Remedying overdoses

A new dialysis treatment for drug overdoses is set to speed up the process of more rapidly ridding the body of toxins...
16 October 2014


A new dialysis treatment for drug overdoses and the build-upNeedle of bodily waste is set to speed up the process of more rapidly ridding the body of toxins.

Dialysis is a technique commonly used to filter the blood of individuals that are suffering from kidney failure. The kidneys are responsible for regulating the composition of our blood - removing waste substances from the body and maintaining the levels of important molecules such as sugars and salts.

When the kidneys fail, toxic substances begin to build-up which can lead to seizures, coma and even death. For example, ammonia produced from normal bodily processes is converted to urea by the kidneys and can then be removed in our urine. However, when the kidneys fail, hyperammonaemia - or very high levels of urea - occurs, which can cause brain damage. It is therefore essential for the blood to be cleaned using dialysis.

Dialysis treatment mimics the kidneys, replicating their function by passing the patient's blood through a machine, filtering it and returning it to the body, free from any dangerous molecules. This technique is also sometimes used when an individual overdoses on a toxic substance.

However, dialysis is costly, time-consuming, highly invasive and impractical for young infants. But now, writing in Science Translational Medicine, Professor Jean-Christophe Leroux from ETH (Eidgenössische Technische Hochschule) in Zurich, Switzerland, has announced a new technique that simply uses an injection to remove toxic chemicals in a much more efficient way.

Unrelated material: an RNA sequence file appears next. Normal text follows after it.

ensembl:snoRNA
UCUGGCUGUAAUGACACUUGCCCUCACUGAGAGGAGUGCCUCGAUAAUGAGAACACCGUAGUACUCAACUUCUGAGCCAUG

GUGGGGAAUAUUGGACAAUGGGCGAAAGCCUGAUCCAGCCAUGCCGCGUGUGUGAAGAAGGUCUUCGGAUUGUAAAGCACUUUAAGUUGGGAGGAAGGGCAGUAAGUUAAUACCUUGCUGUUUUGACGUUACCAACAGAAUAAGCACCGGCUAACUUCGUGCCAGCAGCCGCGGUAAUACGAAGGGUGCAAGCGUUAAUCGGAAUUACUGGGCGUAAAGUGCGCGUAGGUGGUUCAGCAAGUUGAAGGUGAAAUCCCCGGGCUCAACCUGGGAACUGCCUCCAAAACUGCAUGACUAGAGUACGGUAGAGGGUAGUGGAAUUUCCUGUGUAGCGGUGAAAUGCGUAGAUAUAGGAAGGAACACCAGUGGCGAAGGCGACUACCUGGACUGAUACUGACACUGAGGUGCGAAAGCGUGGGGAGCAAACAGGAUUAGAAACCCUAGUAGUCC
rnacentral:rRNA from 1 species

A liquid containing liposomes - tiny artificially-prepared fatty bubbles - is injected into the peritoneal cavity in the abdomen. Toxic substances are then drawn into and sequested within the liposomes, rendering them harmless to the body. After a few hours, the liquid is tapped off taking the toxins with it.

"What is nice about this technique is that the same fluid is efficient at removing different types of drugs," says Professor Leroux.

Whilst their technique will not be suitable as a replacement for conventional dialysis for patients suffering from kidney failure, it will be extremely beneficial to individuals suffering from acute intoxication. Patients who either accidentally or purposefully consume too much medication, for example anti-depressant pills, can be saved in an emergency by this life-saving technology.

According to Leroux, the next step is to start clinical trials on humans, "we are planning to test it in the next couple of years, we still need to optimise the process to make it a pharmaceutical product."

Listen to the interview here: 


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